About Batini 2015 (from FB G-M201 group)

Any discussions regarding y-DNA markers, results or questions.

Posts: 2219
Joined: Sun Mar 18, 2012 7:08 am
Location: Pisa (Italy)
R- Z2110 (KV7Y2)
PostPosted: Wed May 20, 2015 2:43 am
Gioiello Tognoni I let you note that the highest presence in Iberia is just in the Valencia region and Middle Portugal when we have the presence of other haplogroups like R-L51, i.e. where the agriculturalists arrived from Italy 7500 years ago as Zilhao demonstrated. That the highest presence of hg. G is Italy and the Caucasus has been demonstrated many times already in the past.
William Hill Gioiello Tognoni please see my post from yesterday, it seems like all the boards exploding leading to Iberia, F*, G1, G2A1...the predecessor, and all the early clades.
Gioiello Tognoni Nothing against Iberia, but I ask why the highest presence of many haplogroups is always in the Valencia region and Middle Portugal. I gave a glance to the Batini's paper: it is always the same story: an origin of R1b1a2 from the steppes... but that isn't demonstrated from the mt expansion, thus we need more aDNA data, and for them we are waiting. The fact is that the oldest haplogroups were everywhere and for knowing the pathway of their diffusion we need just aDNA.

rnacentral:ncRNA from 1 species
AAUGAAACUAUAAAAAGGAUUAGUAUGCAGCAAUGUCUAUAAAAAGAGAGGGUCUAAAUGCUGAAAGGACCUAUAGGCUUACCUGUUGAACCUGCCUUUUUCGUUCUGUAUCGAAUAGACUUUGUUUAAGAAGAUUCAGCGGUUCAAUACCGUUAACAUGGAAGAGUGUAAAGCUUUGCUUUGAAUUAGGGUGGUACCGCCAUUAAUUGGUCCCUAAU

Stephen Asciak Gioiello could you please post a link to the Batini's paper. Thankyou
Gioiello Tognoni Stephen Asciak, I found the link on your blog FB G-M201. It is the paper we are speaking about. "Demographic inference from whole mtDNA sequences16, however, does not show recent and sudden expansion. This suggests that the recent events responsible for shaping modern MSY variation were male specific. [...]The period 4–5 KYA (the Early Bronze Age) is characterized by rapid and widespread change, involving changes in burial practices that might signify an emphasis on individuals or kin groups, the spread of horse riding, and the emergence of elites and developments in weaponry35. In principle male-driven social selection36 associated with these changes could have led to rapid local increases in the frequencies of introgressing haplogroups34, and subsequent spread, as has been suggested for Asia37. However, cultures across Europe remain diverse during this period; clarifying the temporal and geographical pattern of the shift will rely heavily on additional ancient DNA data." (page 5).

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